Almost anything can be altered. However, some alterations require so much work that it makes the alteration impractical. There is a direct correlation between the time it takes to make an alteration and the cost.
Here are some things that go into assessing the viability of an alteration.
1) Taking in versus letting out: It is easier to make things smaller than it is to make them bigger. Making things smaller involves using less material than is current employed. Making things bigger involves adding extra material.
2) Accessibility: Just like a motorcycle, the parts of a garment are assembled in a certain order. The difficulty of alteration is closely related to how many steps it takes to access the pieces that need to be altered. Things like side seams are relatively easy to access. A center front zipper often requires opening up many seams, making it difficult to access.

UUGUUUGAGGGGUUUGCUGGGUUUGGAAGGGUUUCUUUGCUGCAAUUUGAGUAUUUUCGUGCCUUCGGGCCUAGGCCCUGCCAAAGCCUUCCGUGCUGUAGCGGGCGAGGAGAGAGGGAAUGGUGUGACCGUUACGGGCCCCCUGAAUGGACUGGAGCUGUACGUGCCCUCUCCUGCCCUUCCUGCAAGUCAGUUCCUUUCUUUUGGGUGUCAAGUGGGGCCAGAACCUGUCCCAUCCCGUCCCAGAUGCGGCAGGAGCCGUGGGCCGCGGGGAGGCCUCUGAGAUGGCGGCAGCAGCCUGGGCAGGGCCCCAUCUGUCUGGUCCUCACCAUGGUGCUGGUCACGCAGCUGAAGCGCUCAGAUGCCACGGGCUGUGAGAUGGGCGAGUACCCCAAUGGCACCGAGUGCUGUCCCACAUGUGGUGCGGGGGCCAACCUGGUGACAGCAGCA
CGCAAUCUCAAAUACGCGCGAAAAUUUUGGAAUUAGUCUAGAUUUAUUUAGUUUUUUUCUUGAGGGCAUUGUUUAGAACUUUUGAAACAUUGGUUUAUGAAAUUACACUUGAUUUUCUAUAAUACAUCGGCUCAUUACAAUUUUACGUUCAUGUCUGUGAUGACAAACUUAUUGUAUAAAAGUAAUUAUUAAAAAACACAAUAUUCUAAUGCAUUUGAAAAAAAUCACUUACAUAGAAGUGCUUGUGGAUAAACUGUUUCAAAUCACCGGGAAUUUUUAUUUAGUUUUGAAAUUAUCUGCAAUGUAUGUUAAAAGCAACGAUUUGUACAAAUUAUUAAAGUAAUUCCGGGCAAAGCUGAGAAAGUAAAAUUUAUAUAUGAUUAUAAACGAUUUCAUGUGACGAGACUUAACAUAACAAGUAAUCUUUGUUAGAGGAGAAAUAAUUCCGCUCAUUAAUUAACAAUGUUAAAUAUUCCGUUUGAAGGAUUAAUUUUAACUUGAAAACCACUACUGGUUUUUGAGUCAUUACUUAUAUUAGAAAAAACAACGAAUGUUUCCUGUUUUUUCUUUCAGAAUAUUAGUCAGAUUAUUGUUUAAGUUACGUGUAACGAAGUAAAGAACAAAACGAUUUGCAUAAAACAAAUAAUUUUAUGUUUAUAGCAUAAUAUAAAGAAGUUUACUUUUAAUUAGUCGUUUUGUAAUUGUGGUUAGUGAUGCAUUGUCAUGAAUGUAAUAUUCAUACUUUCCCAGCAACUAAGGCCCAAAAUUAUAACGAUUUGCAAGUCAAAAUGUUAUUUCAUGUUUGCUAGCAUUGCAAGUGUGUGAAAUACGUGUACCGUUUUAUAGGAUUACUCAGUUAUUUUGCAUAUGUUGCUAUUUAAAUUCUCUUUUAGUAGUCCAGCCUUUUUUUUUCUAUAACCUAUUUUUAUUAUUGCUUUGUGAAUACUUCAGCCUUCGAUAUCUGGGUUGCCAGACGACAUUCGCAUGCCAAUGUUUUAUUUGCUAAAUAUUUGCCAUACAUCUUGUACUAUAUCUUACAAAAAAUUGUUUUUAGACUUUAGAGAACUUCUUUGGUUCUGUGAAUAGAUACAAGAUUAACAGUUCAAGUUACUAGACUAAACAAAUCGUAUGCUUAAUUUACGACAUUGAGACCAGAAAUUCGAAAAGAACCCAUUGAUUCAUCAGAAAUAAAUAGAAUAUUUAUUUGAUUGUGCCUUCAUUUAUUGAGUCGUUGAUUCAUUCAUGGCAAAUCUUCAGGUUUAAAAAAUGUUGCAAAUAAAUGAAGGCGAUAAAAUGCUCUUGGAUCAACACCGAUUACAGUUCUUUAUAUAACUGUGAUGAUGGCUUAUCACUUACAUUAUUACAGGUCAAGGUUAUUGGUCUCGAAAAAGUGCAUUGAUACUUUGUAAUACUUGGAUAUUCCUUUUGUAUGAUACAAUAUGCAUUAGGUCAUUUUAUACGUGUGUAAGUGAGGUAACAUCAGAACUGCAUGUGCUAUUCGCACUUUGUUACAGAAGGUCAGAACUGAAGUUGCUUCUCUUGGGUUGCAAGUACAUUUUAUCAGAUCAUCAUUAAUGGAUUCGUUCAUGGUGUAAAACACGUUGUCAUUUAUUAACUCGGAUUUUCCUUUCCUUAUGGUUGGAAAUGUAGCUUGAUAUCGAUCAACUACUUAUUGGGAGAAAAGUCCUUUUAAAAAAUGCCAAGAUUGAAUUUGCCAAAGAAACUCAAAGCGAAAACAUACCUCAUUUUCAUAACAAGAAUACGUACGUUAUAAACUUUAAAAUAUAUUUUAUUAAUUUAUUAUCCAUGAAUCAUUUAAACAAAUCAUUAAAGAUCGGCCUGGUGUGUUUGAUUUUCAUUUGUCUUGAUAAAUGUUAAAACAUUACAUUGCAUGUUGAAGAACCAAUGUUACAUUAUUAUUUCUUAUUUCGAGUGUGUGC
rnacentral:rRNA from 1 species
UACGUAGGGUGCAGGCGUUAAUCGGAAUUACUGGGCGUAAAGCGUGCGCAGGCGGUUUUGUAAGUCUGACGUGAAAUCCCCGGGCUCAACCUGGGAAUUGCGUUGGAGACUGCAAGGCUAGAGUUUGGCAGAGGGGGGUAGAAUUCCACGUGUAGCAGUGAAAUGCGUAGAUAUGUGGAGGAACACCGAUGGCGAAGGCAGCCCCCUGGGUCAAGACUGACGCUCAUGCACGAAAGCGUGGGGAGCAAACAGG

3) Leather: Leather alterations need to be more carefully considered because leather, unlike woven fabric, is compromised the more punctures are made in it. A seam is a line of small holes punched by a needle with a thread running through it. Sewing seams multiple times in the same place will make the leather like a perforated sheet of paper – easy to tear. This means the number of times a seam can be re-sewn are limited. A seam can also be re-sewn without adding new holes to preserve the integrity of the leather. This can be done quickly, albeit very carefully, by machine and slowly, but more precisely, by hand.